So many things to do, so little time to do them. Why is that always the way – or is it an age thing? How many times, when you were little, were you told to wait until you’re older when the years will just fly by? Yes. Yes. Who listened?! No truer word spoken, though. Almost mid-May, now – try telling the weather that – and in just over a month, the nights will be drawing in. Sorry. Couldn’t resist. The Christmas cards will be in the shops (bet you!) and it will be time to unpack my famous reindeer, once more. Yes! Oh, and that tree stand which is still sitting in the hall waiting to go to the container – don’t ask – will rejoice at its renewed purpose. Meanwhile, last year’s tree, which I noticed the other day – tucked away beside the shed in the garden – has lost none of its needles; they’re just a golden hue of brown. Recycling. Might catch on!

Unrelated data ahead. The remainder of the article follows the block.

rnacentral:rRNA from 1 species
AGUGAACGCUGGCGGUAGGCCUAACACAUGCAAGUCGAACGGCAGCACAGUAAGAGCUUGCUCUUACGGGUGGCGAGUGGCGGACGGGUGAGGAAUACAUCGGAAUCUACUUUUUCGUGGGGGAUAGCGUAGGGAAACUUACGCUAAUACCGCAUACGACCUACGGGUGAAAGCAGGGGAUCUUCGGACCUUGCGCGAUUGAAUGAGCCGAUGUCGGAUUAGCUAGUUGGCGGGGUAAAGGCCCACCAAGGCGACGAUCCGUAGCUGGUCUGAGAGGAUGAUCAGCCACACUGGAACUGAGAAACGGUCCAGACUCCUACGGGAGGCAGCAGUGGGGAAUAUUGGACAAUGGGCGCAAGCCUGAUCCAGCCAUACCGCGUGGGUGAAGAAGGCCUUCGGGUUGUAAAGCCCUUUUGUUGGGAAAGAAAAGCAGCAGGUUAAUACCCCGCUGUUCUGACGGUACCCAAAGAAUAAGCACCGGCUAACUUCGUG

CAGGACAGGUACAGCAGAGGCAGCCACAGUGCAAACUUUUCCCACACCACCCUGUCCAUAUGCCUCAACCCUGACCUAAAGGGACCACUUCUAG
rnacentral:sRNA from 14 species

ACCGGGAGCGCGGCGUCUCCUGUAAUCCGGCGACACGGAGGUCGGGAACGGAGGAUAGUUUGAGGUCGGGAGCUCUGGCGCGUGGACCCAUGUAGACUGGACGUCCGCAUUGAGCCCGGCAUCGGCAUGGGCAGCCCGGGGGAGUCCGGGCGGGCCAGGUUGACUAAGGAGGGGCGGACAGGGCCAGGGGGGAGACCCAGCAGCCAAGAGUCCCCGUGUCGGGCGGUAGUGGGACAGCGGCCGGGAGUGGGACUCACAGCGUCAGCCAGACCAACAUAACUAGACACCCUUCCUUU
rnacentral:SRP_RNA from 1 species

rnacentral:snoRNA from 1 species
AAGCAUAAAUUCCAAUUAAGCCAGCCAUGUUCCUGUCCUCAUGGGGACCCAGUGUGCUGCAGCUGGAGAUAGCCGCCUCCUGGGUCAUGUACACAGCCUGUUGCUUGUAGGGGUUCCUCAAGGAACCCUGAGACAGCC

It is scary how quickly the months have flown. Lots to be packed in before Christmas, though, and, in fact, in a matter of weeks, we will be sitting in the Baths of Caracalla in Rome, basking in the evening sun – large glass of Cervaro to hand – being serenaded by Andrea Bocelli. Now, that’s what I call living! I cannot wait, forever appreciative of the need to have something to look forward to. For, it is all too easy to be dragged down by the mundane; the every day drudge. Sucks the oxygen from life! Like hamsters on a wheel … Nobody who has seen the magnificent, Oscar-worthy film, Living (check out my Seriously Good! page), could fail to heed its message. Life is a gift. We’re only here once and the short time we have is not guaranteed. Spend it not in the pursuit of money but, rather, in making memories – and taking photographs. Photographs & Memories. Learnt that a long time ago – in the womb, some would say! The title of one of my favourite songs, too, by Jim Croce. His life was certainly cut short, killed in a plane crash in 1973. He was only thirty. Somehow, though, listening to the lyrics of his beautiful songs – his lasting legacy – there is a comfort in knowing that he already knew what really mattered.